Bruenig, of the People's Policy Project, notes one key selling point of a single-payer system is it spares physicians the reams of paperwork they have to do under the current system for private insurance companies. If America’s physicians could reduce their administrative costs to Canadian levels, he said, health care spending would fall by well over 11 percent. (Canada has a single-payer health system.)
“The overhead costs here are substantially low because you don’t have to hire administrative clerks and billing experts to chase after money,” said Danielle Martin, a Toronto Women’s College Hospital physician who supports Sanders’s legislation. “What matters to people is their net income, not their reimbursement rates.”
Then there are the doctors and physicians whose reimbursements would go up under single-payer. Richard Bruno, a doctor in east Baltimore who primarily sees low-income Medicaid patients, said low reimbursement rates make it difficult for his clinic to purchase the equipment he needs, like replacement microscopes.
“We could do so much with higher levels of Medicaid reimbursements,” said Bruno, 38. “We’d be able to explore much better models for providing care.”
But to other experts, even an 11 percent cut in provider rates could present serious challenges for private hospitals and physician practices operating on tight margins. A number of prestigious hospitals -- such as New York University, the Stanford University Medical Center, and the Ronald Reagan UCLA Medical Center -- are especially reliant on patients with private health care and would likely see average cuts bigger than 11 percent, according to Larry Levitt, a health-care expert at the Kaiser Family Foundation.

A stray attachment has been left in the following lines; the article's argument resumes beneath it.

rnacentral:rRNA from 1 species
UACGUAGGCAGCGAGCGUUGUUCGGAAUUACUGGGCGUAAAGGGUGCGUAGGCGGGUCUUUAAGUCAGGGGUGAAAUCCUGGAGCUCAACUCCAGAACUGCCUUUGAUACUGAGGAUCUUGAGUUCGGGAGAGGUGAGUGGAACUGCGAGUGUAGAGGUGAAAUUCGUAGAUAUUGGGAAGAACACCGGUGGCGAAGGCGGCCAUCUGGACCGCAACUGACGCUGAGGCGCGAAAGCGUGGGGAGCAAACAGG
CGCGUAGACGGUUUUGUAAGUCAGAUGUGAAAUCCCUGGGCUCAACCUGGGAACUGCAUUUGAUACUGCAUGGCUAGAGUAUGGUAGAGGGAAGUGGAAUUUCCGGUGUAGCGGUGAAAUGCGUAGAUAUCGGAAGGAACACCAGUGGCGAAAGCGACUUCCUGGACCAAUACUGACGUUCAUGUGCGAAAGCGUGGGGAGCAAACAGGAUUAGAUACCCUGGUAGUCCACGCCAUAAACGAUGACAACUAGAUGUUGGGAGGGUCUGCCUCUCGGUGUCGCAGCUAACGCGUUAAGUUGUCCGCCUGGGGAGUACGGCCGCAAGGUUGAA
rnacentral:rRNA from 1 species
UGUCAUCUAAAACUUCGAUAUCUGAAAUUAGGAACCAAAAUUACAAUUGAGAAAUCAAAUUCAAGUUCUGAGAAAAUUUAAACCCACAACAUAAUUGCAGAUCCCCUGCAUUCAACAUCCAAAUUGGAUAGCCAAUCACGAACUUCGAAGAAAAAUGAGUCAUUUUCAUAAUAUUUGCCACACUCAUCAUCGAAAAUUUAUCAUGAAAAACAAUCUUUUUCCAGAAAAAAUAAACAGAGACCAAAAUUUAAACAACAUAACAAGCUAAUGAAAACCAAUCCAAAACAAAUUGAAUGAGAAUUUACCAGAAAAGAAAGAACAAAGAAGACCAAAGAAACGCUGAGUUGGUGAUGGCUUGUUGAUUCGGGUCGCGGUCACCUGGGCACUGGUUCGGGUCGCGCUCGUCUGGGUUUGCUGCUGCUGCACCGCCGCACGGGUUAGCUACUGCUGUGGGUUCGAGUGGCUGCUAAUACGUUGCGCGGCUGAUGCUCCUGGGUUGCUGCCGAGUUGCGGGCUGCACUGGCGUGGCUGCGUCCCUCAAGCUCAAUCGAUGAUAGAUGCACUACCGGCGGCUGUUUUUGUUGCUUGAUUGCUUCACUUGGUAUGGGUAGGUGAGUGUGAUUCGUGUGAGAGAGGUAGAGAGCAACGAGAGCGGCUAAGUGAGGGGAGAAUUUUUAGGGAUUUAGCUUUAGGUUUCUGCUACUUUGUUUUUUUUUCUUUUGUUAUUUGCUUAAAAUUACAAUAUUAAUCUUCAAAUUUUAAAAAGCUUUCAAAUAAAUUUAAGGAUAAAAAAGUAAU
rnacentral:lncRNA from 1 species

“When people talk about the disruption that Medicare for All would cause, this is a big piece of it,” Levitt said.
Dean Waldman, a former pediatric cardiologist at University of Chicago, doubts providers could adjust to the new reality without going out of business, noting he was able to treat many Medicaid patients in part because of the excess money brought in by patients on private plans.
“When you’re talking about a 40 percent cut, you’re talking well below the cost of doing business,” said Waldman, a single-payer opponent. “The money has got to come from somewhere – and if it doesn’t, the public will simply not have doctors.”
Sanders’s plan proposes slowly phasing in Medicare for All over the period of four years, giving hospitals and doctors time to adjust to the new spending levels. And his staffers do not necessarily mind the prospect of hospitals earning slightly less in the long-run, with spokesman Josh Miller-Lewis saying “this bill is not designed to make shareholders of for-profit hospitals wealthier.”
But even those sympathetic to Sanders plan recognize that it may be difficult to instantly cut provider payments. Physicians across the country may not face a 40 percent pay cut, but Sanders is hoping thousands of doctors and hospitals can absorb cuts to their payment rates without going out of business. Polling from last year suggests they’re warming to the idea.
“We can’t whole hog pick up a system and get it there overnight,” Linda Blumberg, a health expert at the Urban Institute, said. "Thinking of a glide path from where you are today [in provider payments] to down to something lower is going to be really critical.”